FIG. 4 shows the cache state transition diagram which defines the cache coherence operation for the computer system of the present invention. Note that for ease of explanation, the following description in reference to FIG. 4 uses a single level cache to represent the cache hierarchy of the present invention. But it should be keep in mind that the state transition diagram of FIG. 3 operates concurrently as the operations described in conjunction with FIG. 4. In other words, external bus transactions get translated to invalidate (5), snoop (4), or snoop abort (8) to the first level cache.
Internal or external bus transactions are capable of moving a cache line from one state to another state, as shown in FIG. 4. The list of internal and external transactions that relate to the cache coherence operation of the present invention will be described shortly.
A state transition is represented by an arc or an arrow in the diagram of FIG. 4. The types of transactions that can cause a state transition to occur are labeled next to the arc or arrow. For example, a Modified-to-Shared (M-->S) state transition can be caused by either a Bus Read Line (BRL) transaction or a Bus Read Part-Line (BRP) transaction. Another example is an Internal Read (IR) request that results in a miss, which can bring the line to an Exclusive state or to a Shared state, depending on the snoop result. In this particular example, the transaction type and snoop result are ANDed together to determine the final state of the line.
In accordance with the present invention, processor core 11 can issue the following memory access requests to the cache hierarchy:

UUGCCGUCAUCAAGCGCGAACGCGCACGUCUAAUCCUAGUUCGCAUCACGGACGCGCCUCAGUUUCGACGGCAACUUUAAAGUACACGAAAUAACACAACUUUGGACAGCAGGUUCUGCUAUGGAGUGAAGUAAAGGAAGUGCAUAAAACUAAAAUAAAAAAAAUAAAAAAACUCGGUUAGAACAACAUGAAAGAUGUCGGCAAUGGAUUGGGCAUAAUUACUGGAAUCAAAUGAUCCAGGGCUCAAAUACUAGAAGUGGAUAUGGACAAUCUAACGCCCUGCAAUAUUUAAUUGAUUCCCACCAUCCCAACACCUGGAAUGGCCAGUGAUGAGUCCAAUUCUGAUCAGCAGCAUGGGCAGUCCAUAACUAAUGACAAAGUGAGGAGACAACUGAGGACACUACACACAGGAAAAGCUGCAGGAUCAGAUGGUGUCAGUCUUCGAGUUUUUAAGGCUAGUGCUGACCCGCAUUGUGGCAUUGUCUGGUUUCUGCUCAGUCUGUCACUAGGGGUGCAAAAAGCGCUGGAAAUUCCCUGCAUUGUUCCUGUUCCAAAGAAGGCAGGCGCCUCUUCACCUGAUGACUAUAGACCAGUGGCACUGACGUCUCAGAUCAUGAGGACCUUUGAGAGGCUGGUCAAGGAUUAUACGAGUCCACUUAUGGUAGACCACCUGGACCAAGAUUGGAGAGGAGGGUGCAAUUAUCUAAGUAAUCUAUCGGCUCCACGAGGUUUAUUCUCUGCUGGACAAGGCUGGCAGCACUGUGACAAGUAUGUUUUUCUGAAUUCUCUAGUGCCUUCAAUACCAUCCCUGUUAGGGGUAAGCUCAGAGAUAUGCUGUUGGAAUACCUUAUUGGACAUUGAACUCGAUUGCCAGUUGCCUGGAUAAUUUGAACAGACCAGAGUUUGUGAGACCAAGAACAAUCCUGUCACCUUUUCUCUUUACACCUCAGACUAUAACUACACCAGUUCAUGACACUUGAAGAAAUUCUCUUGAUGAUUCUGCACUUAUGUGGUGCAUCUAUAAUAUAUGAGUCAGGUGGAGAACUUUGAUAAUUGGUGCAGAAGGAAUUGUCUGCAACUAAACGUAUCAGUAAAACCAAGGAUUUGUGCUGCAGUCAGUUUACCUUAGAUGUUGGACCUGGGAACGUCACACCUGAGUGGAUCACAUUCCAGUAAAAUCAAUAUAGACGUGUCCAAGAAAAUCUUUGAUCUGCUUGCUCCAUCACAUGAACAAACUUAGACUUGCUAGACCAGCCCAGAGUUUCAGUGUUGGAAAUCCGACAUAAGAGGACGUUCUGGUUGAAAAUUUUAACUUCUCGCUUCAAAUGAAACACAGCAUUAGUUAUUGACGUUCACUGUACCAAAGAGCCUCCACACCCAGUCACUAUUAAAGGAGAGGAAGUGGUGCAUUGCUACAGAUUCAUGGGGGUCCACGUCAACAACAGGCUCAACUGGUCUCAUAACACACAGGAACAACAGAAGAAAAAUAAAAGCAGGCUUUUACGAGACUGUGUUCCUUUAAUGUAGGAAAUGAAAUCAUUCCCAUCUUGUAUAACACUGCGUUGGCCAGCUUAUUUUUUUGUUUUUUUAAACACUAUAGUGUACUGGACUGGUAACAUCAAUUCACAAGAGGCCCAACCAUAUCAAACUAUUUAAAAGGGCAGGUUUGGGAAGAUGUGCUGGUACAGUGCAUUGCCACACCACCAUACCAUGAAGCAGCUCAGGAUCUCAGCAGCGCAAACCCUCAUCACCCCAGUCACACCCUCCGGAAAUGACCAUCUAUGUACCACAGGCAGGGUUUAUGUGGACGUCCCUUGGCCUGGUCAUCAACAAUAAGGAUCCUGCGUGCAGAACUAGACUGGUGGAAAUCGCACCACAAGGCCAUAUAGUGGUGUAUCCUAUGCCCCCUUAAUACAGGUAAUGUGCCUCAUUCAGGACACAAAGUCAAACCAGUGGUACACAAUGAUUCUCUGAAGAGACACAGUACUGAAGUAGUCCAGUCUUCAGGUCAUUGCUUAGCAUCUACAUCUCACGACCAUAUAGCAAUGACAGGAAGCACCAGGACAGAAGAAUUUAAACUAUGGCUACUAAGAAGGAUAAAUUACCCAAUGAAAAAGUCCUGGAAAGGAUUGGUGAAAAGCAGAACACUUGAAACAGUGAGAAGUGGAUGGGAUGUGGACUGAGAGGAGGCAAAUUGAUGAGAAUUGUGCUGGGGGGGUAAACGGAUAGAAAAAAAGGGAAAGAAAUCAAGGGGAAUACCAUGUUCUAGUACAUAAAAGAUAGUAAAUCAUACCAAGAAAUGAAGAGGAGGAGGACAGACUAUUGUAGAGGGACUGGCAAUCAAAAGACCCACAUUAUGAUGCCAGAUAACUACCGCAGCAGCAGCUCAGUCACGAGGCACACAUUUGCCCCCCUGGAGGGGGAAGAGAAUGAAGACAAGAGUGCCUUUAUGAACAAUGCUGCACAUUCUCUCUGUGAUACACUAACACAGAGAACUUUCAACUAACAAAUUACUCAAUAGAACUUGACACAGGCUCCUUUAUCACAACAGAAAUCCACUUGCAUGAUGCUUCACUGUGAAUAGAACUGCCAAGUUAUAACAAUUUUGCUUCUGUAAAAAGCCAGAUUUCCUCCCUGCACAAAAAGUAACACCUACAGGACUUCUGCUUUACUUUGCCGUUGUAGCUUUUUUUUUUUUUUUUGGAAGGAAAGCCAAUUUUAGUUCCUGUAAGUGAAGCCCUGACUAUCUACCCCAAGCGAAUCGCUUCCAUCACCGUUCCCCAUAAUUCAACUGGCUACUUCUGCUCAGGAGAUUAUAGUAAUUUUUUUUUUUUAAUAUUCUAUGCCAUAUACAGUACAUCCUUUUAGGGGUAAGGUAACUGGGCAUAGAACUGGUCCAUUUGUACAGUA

Internal Read (IR): An internal read request to perform a read access.
Internal Write (IW): An internal write request to perform a write access.
Internal Cache Lock Read (ICLR): An internal cache locked read request to perform a cache lock read.
Internal Lock Read (ILR): An internal split! locked read request to perform a split! bus lock read.
Internal Ownership Read (IOR): An internal ownership read request to perform a write prefetch.
Internal Cache Lock Write (ICLW): An internal cache lock write request to perform a cache lock write.
Internal Lock Write (ILW): An internal split! locked write request to perform a split! bus lock write.
In the preceding list all transactions are internal to the processor or caching agent (e.g., from DCU 12 and IFU 13). (Note IFU 13 only issues internal read requests.) The following list includes transactions that are external transactions, i.e., transactions that take place across system bus 19.
Bus Read Line (BRL): A bus read line transaction is either a read code line or read data line transaction. The requesting agent has had a read miss in this case.
Bus Read Invalidate Line (BRIL): A bus read invalidate line transaction indicates that a requesting agent issued a read invalidate line transaction. The requesting agent has had a read miss and intends to modify this line when the line is returned.
Bus Write Line (BWL): A bus write line transaction indicates that a requesting agent issued a write line transaction. The requesting agent therefore intends to writeback a modified line, or an I/O agent intends to write a line to memory.
Bus Write Invalidate Line (BWIL): A bus write invalidate line transaction indicates that a requesting agent issued a write invalidate line transaction. The requesting agent contains the line in Shared state and intends to modify that line. In the case of a race condition, the response for this transaction may contain data.